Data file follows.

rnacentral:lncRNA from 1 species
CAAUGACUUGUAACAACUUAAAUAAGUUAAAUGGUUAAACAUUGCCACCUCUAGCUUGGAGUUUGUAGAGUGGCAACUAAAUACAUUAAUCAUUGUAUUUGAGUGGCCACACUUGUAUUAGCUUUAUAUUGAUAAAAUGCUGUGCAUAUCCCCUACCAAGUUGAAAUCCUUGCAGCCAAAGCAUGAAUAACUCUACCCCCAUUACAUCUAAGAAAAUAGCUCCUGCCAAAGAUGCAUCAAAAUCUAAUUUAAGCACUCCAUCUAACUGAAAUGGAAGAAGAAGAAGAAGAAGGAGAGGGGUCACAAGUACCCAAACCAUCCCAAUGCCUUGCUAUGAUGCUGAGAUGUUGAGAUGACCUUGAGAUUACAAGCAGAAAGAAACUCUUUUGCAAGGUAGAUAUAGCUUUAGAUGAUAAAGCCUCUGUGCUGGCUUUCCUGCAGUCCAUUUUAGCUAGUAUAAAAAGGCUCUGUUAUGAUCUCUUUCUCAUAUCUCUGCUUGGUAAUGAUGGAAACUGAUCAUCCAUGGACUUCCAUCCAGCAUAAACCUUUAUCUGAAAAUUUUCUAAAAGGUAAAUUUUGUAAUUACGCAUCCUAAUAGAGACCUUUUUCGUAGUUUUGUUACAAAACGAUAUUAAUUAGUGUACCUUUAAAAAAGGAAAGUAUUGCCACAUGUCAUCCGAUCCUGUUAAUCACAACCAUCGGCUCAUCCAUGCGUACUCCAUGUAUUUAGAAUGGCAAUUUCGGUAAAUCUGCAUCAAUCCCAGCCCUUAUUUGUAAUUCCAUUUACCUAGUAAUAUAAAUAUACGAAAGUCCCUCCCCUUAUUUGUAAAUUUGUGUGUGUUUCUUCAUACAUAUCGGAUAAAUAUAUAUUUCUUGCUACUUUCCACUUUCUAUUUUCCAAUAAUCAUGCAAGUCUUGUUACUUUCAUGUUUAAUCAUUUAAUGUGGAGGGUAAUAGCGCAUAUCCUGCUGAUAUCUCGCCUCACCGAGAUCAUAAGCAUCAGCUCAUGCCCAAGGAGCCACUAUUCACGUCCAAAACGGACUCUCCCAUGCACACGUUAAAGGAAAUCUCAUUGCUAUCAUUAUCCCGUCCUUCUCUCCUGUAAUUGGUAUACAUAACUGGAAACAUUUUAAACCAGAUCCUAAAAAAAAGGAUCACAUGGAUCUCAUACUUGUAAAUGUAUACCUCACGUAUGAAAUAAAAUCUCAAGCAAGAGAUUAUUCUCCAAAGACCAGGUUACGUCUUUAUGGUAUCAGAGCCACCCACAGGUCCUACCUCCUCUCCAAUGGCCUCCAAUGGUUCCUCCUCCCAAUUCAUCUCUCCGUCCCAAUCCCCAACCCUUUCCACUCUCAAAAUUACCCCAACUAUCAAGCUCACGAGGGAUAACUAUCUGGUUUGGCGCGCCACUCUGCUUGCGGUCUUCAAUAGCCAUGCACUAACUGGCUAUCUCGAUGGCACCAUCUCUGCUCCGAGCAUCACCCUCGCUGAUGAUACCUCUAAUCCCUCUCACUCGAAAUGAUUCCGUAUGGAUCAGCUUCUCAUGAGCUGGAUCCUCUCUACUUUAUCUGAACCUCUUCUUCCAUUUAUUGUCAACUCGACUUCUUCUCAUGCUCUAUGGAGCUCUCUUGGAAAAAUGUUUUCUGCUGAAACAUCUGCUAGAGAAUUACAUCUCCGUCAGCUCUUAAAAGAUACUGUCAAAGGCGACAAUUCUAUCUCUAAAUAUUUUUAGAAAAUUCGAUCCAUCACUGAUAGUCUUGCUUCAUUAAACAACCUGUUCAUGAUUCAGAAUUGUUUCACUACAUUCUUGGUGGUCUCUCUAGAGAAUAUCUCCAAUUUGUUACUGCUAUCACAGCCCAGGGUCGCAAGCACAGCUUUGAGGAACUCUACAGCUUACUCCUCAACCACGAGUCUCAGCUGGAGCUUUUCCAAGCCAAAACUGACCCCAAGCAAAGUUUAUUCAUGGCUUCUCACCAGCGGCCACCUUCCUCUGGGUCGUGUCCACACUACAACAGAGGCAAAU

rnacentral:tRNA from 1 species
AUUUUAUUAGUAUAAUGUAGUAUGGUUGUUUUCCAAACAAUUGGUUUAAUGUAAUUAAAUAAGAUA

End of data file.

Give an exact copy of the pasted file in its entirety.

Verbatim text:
rnacentral:lncRNA from 1 species
CAAUGACUUGUAACAACUUAAAUAAGUUAAAUGGUUAAACAUUGCCACCUCUAGCUUGGAGUUUGUAGAGUGGCAACUAAAUACAUUAAUCAUUGUAUUUGAGUGGCCACACUUGUAUUAGCUUUAUAUUGAUAAAAUGCUGUGCAUAUCCCCUACCAAGUUGAAAUCCUUGCAGCCAAAGCAUGAAUAACUCUACCCCCAUUACAUCUAAGAAAAUAGCUCCUGCCAAAGAUGCAUCAAAAUCUAAUUUAAGCACUCCAUCUAACUGAAAUGGAAGAAGAAGAAGAAGAAGGAGAGGGGUCACAAGUACCCAAACCAUCCCAAUGCCUUGCUAUGAUGCUGAGAUGUUGAGAUGACCUUGAGAUUACAAGCAGAAAGAAACUCUUUUGCAAGGUAGAUAUAGCUUUAGAUGAUAAAGCCUCUGUGCUGGCUUUCCUGCAGUCCAUUUUAGCUAGUAUAAAAAGGCUCUGUUAUGAUCUCUUUCUCAUAUCUCUGCUUGGUAAUGAUGGAAACUGAUCAUCCAUGGACUUCCAUCCAGCAUAAACCUUUAUCUGAAAAUUUUCUAAAAGGUAAAUUUUGUAAUUACGCAUCCUAAUAGAGACCUUUUUCGUAGUUUUGUUACAAAACGAUAUUAAUUAGUGUACCUUUAAAAAAGGAAAGUAUUGCCACAUGUCAUCCGAUCCUGUUAAUCACAACCAUCGGCUCAUCCAUGCGUACUCCAUGUAUUUAGAAUGGCAAUUUCGGUAAAUCUGCAUCAAUCCCAGCCCUUAUUUGUAAUUCCAUUUACCUAGUAAUAUAAAUAUACGAAAGUCCCUCCCCUUAUUUGUAAAUUUGUGUGUGUUUCUUCAUACAUAUCGGAUAAAUAUAUAUUUCUUGCUACUUUCCACUUUCUAUUUUCCAAUAAUCAUGCAAGUCUUGUUACUUUCAUGUUUAAUCAUUUAAUGUGGAGGGUAAUAGCGCAUAUCCUGCUGAUAUCUCGCCUCACCGAGAUCAUAAGCAUCAGCUCAUGCCCAAGGAGCCACUAUUCACGUCCAAAACGGACUCUCCCAUGCACACGUUAAAGGAAAUCUCAUUGCUAUCAUUAUCCCGUCCUUCUCUCCUGUAAUUGGUAUACAUAACUGGAAACAUUUUAAACCAGAUCCUAAAAAAAAGGAUCACAUGGAUCUCAUACUUGUAAAUGUAUACCUCACGUAUGAAAUAAAAUCUCAAGCAAGAGAUUAUUCUCCAAAGACCAGGUUACGUCUUUAUGGUAUCAGAGCCACCCACAGGUCCUACCUCCUCUCCAAUGGCCUCCAAUGGUUCCUCCUCCCAAUUCAUCUCUCCGUCCCAAUCCCCAACCCUUUCCACUCUCAAAAUUACCCCAACUAUCAAGCUCACGAGGGAUAACUAUCUGGUUUGGCGCGCCACUCUGCUUGCGGUCUUCAAUAGCCAUGCACUAACUGGCUAUCUCGAUGGCACCAUCUCUGCUCCGAGCAUCACCCUCGCUGAUGAUACCUCUAAUCCCUCUCACUCGAAAUGAUUCCGUAUGGAUCAGCUUCUCAUGAGCUGGAUCCUCUCUACUUUAUCUGAACCUCUUCUUCCAUUUAUUGUCAACUCGACUUCUUCUCAUGCUCUAUGGAGCUCUCUUGGAAAAAUGUUUUCUGCUGAAACAUCUGCUAGAGAAUUACAUCUCCGUCAGCUCUUAAAAGAUACUGUCAAAGGCGACAAUUCUAUCUCUAAAUAUUUUUAGAAAAUUCGAUCCAUCACUGAUAGUCUUGCUUCAUUAAACAACCUGUUCAUGAUUCAGAAUUGUUUCACUACAUUCUUGGUGGUCUCUCUAGAGAAUAUCUCCAAUUUGUUACUGCUAUCACAGCCCAGGGUCGCAAGCACAGCUUUGAGGAACUCUACAGCUUACUCCUCAACCACGAGUCUCAGCUGGAGCUUUUCCAAGCCAAAACUGACCCCAAGCAAAGUUUAUUCAUGGCUUCUCACCAGCGGCCACCUUCCUCUGGGUCGUGUCCACACUACAACAGAGGCAAAU

rnacentral:tRNA from 1 species
AUUUUAUUAGUAUAAUGUAGUAUGGUUGUUUUCCAAACAAUUGGUUUAAUGUAAUUAAAUAAGAUA